With the majority of the UK now in another nationwide lockdown, as coronavirus rates continue to rise, and many people hoping to move before the Stamp Duty Land Tax holiday ending in March 2021, we summarise all you need to know about moving house during a lockdown or at home on a 14 day quarantine.
If non-essential businesses are closed, are you still able to move house?
The answer is yes, you are still able to move as normal for the time being. The rules around moving are not currently as strict as they were during the first national lockdown earlier in 2020. In a full lockdown, or even when a city or region is in a tier 3 lockdown, you are still currently able to move. All businesses involved in the process of moving home will remain open and able to work, including removals firms, estate agents, mortgage advisors and conveyancers.
The process of moving home may have changed somewhat during 2020, regardless of whether you are in a lockdown or not. The ‘new norm’ for moving will mean you might experience the following:
More of the process is moving online
Being a purely online conveyancing firm, we were fortunate enough to be ready and prepared for the quick shift from mostly office-based working to purely online. In a few swift days, our office staff were geared up with laptops and sent home to continue business as normal for our clients. Whilst this isn’t new to us, there are many other businesses and parties involved in a house move that have had to adjust, including estate agents, local councils, banks and mortgage advisors.
Be flexible, and account for (and expect) delays
For many people, moving house during 2020 will be so different to what it may have looked like this time 12 months ago. Historically, we have been able to fairly accurately predict a realistic exchange date based on the time it takes searches to return, everyone in the chain being reliable and market conditions being strong. This year has seen almost every UK business forced into working from home including local councils, search providers, banks and other legal firms which has inevitably slowed things down. Mortgage lenders are also becoming increasingly risk averse as many people remain furloughed or unable to work, or even face the unfortunate possibility of redundancy. With this brings a lot of uncertainty to each individual case – the possibility that someone in the chain could have their mortgage withdrawn, significant delays in searches being returned, high staff sickness levels in areas where the virus is rife or another party in the chain having to isolate for 14 days due to coronavirus symptoms.
What can we do to help you?
We will try to guide you through all of this uncertainty and work to protect you, and one way we are doing this is to discuss the option of a ‘Covid clause’ in your contract. Each situation is different, and your conveyancer will work with you to determine whether you need this clause to reduce the risk of, or impact of, breaches in contract which could expose you to additional costs or inconvenience.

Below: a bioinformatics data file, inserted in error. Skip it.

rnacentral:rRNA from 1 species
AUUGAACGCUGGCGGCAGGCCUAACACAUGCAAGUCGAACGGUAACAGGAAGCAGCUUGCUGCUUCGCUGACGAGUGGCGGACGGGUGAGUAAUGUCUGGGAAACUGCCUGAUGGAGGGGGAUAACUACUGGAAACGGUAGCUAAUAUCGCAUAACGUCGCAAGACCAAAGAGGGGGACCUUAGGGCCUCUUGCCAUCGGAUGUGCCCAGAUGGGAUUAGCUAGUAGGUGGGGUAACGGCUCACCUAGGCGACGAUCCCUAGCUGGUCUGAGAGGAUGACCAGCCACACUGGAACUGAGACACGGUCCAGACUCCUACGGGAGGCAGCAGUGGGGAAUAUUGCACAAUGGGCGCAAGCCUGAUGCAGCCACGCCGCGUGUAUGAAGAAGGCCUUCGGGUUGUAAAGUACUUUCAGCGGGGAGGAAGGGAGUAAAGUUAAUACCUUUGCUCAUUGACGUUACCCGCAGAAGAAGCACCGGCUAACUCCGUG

A Covid clause within the contract offers parties the ability to exchange contracts and fix in a completion date, but subject to the ability to delay things in certain specific circumstances (related to COVID19) without incurring the usual penalties for breach of contract. (Speak to a conveyancing solicitor for full advice.)
Our clients have three basic options:
1. A short time between exchange and completion with no Covid clause (an expedition fee may apply in this instance)
2. A gap between exchange and completion – with the addition of a Covid clause
3. A gap between exchange and completion – without the addition of a Covid clause
What is best will depend on your circumstances, your attitude to risk, the transaction and what can be agreed with other parties involved – if anyone in the chain is going to insist on the inclusion of a clause, the whole chain will have to agree to it’s terms, however ultimately it has to be your choice as to whether you are willing to proceed.
For instance, for a mortgage funded client in a chain, especially with a high value property, we would usually recommend option 2 to minimise risk. Whereas a seller of a stand alone sale of an empty property may well want option 3 because the risk is much lower.
With lenders clamping down, lockdowns, local lockdowns, infection rates rising and track and trace resulting in more people being required to self isolate without notice, it’s as important as ever that we talk all clients through the options early, so you have plenty of time to think about it and we make sure we understand your circumstances.
If you would like to receive a quote for us to act on your behalf, please visit our quote page.
It’s also important to consider that although the full lockdown restrictions are currently in place, when these are lifted, we could go back into the three-tier system for England. This was originally introduced by the Prime Minister in October and split cities and regions into either medium, high or very high risk categories, with each level having its own associated lockdown rules. (Scotland, Northern Ireland and Wales have different rules in place to limit the spread). For any updates on lockdown restrictions or localised lockdowns, you can visit gov.co.uk.